”Your Lord has commanded that you worship none but Him, and that be kind to your parents. Whether one or both of them attain old age in your life, say not to them a word of contempt (Fie), nor shout at them, but address them in terms of fine, correct and honorable words.”  (The Holy Quran, 17:23


'Umar b. al-Khattab narrated that the Prophet (S) said: Deeds are [a result] only of the intentions [of the actor], and an individual is [rewarded] only according to that which he intends. Therefore, whosoever has emigrated for the sake of Allah and His messenger, then his emigration was for Allah and His messenger. Whosoever emigrated for the sake of worldly gain, or a woman [whom he desires] to marry, then his emigration is for the sake of that which [moved him] to emigrate." Narrated by Bukhari and Muslim.

Thursday, 23 January 2014

Faithful Fitness 101



A Faithful Fitness testimonial from one of my favourite young people in the whole world; 15 year old Amira....

(Mashallah I have to say, teenagers like her truly inspire me!)


Faithful Fitness 101

Salam People,

I’m going to start this off with one word, “fitness/exercise”. What first comes to mind when one thinks of exercise? Continuous Sprints? Push Ups? Weight Training? I personally think of plyometric exercises, for those of you who do not know what this, I will get Calisha demonstrate for you (Jump lunges, squat jumps, power jumps etc.) <<< (Young Amira then proceeded to make (the extremely surprised) me do these exercises in front of an audience of 100 ladies in full abayah and hijab.......I was truly sprung and so now this experience is very high on my list of the most embarrassing moments of my LIFE!)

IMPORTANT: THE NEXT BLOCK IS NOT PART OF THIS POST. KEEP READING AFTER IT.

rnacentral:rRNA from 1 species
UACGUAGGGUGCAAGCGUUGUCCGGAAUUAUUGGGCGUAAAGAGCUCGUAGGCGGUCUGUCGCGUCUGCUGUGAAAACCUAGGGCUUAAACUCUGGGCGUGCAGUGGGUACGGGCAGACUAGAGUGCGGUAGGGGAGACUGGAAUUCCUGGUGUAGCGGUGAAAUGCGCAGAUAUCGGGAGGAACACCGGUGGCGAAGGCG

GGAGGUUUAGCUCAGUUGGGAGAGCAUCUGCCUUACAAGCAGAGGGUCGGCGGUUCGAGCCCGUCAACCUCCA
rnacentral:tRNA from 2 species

This type of exercise I absolutely hate and so whenever anyone mentions it, I’m out. This made the word “exercise” a scary word. But then I found faithful fitness. I first heard about it maybe 3 years ago and it was a boxing class. I loved boxing and thought this was the perfect opportunity to get fit while enjoying myself. I rocked up ready to power through this but then came face to face with plyometric exercises. I decided there and then that if I was to ever really get the full benefit of the class that I’d have to face my pain.

But I didn’t do it by myself; I had continuous support from Calisha and the others to push through. The environment was never degrading and always made you feel welcome. Then this year it changed it’s layout to a boot camp style. Boy, was it tough and painful but it never stopped being fun. We got in a trainer and when she would explain to us an exercise, I’d pretty much burst out laughing due to how ridiculously hard it looked.